Wonderful to find a preying mantis. Not sure why a male one came inside so we took it back out in the veggie garden in the New Zealand spinach patch.
Late autumn and the males (which have narrow abdomen compared to the females) grow wings [like this one has].
He is sitting on the back of a hand watching us as we moved him. Then he didn’t want to get off so he was gently encouraged to move on to a leaf.
The females have a much wider, fatter abdomen and lay their eggs into a special case to protect them through the winter. They attach the cases to some protected place and we find them in the spaces between bricks in the house wall.
A preying mantis is so good at eating small pests so we love finding them around and carefully put them where the pest populations are greatest.
These newly hatched baby preying mantis we found climbing up the bird-netting around a garden bed. They were less than 1 cm [1/2 inch] long – so tiny! Yet they are great predators of all tiny pests.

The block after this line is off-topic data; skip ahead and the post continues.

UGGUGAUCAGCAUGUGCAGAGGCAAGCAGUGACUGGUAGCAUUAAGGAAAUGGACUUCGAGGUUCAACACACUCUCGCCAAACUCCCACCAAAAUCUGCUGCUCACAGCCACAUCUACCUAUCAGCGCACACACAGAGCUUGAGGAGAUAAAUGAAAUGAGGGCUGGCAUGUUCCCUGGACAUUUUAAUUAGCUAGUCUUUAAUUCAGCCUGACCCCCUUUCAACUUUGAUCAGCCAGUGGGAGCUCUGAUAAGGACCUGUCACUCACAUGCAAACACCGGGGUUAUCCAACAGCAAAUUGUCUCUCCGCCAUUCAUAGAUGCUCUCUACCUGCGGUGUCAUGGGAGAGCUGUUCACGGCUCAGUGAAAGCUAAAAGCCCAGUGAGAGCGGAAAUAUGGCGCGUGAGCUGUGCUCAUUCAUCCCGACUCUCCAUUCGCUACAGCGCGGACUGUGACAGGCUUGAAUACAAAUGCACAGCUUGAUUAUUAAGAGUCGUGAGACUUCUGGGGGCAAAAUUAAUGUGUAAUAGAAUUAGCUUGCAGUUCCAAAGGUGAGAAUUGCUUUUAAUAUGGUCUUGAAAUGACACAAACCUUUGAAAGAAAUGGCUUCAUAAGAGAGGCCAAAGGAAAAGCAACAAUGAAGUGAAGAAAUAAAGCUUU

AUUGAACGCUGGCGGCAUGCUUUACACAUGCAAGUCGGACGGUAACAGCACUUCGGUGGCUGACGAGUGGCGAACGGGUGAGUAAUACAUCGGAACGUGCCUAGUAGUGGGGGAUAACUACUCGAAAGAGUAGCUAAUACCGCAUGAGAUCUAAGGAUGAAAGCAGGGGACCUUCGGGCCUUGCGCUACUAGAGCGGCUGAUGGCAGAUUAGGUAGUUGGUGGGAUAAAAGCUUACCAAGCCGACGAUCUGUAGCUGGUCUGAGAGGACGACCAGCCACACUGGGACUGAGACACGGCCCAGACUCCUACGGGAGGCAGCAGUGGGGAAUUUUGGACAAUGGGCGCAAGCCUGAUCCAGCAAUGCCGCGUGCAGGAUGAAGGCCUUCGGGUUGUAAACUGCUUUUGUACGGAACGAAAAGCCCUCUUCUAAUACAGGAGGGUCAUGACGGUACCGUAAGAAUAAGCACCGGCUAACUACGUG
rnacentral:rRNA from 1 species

Frost in Auckland – July 2015 – when the water pipes freeze, thermometer shows less than 0oC; leaves are decorated with ice crystals – beauty is there even in weather we are not used to!The ‘bright lights’ silverbeet, leaves are etched in frosting
Frost sets back many pest species in a garden – chewing and sucking insects, etc.
The worms and soil beneficial life move down in the soil to more even temperatures and wait until spring to return – as do gardeners!
We love this type of silver-beet! Rainbow lights [or chard] are gorgeous, vibrant, shining plants in the garden – a real joy to look at.
They also provide homes for predators of pests. Check carefully when picking leaves as there may be preying mantis sheltering under the leaf. Gently encourage it to move nearby to continue its hunt for pests in that area.
Rainbow lights/chard cook really nicely too – softer, and a more delicate flavour than traditional silver-beet varieties.
All varieties of silver beet have high oxalic acid content so we remove it by cooking them in plenty of water then draining it off. Oxalic acid sets as sharp stones (especially relevant for care of kidneys, etc). We eat heaps of silver beet for all its wonderful properties and find a couple of minutes boiling removes the problems and maintains flavour.
[NB: All beets, spinach, NZ spinach contain high levels of oxalic acid so we cook all of them this way. We do not eat them raw].